Possible extension of smoking ban 300
Shanghai’s legislative body is looking to ban smoking at all public indoor venues in an attempt to better shield nonsmokers from secondhand smoke.
Other locations included in the draft of the amended regulation on smoking control are a greater number of outdoor places such as arts performance and sporting venues, open areas at maternity and infant hospitals as well as crowded bus stops.
The Municipal Standing Committee of the People’s Congress, the city’s legislative body, is seeking public advice for the draft till Aug 19.
China is the world’s largest consumer and producer of tabacco. There are more than 300 million smokers in the country, accounting for almost one-third of the world’s total, according to the World Health Organization.
The regulation on smoking control first took effect in 2010 and it permitted smoking in designated areas in restaurants, entertainment venues, railway stations and airports. However, experts have found that the air around these designated smoking areas still contain high amounts of PM 2.5 particles, a substance produced from smoking that can cause cancer.
Zheng Pinpin, a researcher with the Tobacco Control Research Center of Fudan University, monitored the concentration of PM 2.5 at South Shanghai Railway Station and Shanghai Railway Station last year and found the concentration of such particles in the air both in and out of the smoking rooms to be extremely high.
According to Zheng, the the number of smokers in China concentration of PM 2.5 inside the smoking rooms were 300 times higher than outside, and the concentration of PM 2.5 in the air 5 meters away from the smoking rooms were 18 times higher than other parts of the station.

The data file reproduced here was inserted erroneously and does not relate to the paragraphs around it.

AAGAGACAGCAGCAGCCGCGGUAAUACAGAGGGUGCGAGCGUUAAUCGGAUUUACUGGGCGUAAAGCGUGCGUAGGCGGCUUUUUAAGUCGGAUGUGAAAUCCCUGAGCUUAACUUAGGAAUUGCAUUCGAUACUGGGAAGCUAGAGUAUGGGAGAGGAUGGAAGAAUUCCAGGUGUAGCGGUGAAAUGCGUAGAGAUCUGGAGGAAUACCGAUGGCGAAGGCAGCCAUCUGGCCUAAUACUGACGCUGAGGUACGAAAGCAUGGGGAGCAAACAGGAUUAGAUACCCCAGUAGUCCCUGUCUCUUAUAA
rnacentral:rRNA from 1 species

“Smoking rooms basically do not effectively protect nonsmokers from passive smoking,” said Zheng.
The draft is proposing for all smoking rooms at railway stations and airports to be moved to outdoor zones instead.
Ye Qing, a legislator, said that such a decision will likely not go down well with smokers considering how flight delays are common and smoking is a popular way to pass the time.
“Smoking isn’t like taking drugs. The rights and interests of smokers should also be guarded under the condition that they don’t affect the health of others,” he said.
Many Internet users applauded the proposed regulations but some are concerned about how they will be implemented.
“Once, at a wedding banquet, three men who were at the same table as me smoked despite the fact that there were three toddlers around. It’s a longestablished tradition to smoke during a Chinese wedding banquet. It could be very difficult to carry out the ban,” said Xin Lu, a Shanghai native and a father to a two-year-old girl.
The proposed draft is also tasking the health authority to fine offenders. For example, those caught providing ashtrays or permitting smoking indoors could be fined a maximum of 30,000 yuan ($4,500), while errant smokers could be slapped with fines up to 200 yuan.
A Sina Weibo user who goes by the name “Xiaochilao” pointed out that authorities could consider implementing measures similar to those in downtown Tokyo where law enforcers with armbands are on the constant lookout for offenders.
Some smokers have also said that raising the prices of cigarettes could be an effective way to discourage people from picking up smoking.
“The government can collect high taxes on cigarettes. If a pack of cigarettes costs 80 yuan instead of 10 yuan, I believe many will think twice about smoking anywhere and at anytime,” said Wang Cong, the owner of a private enterprise in Shanghai.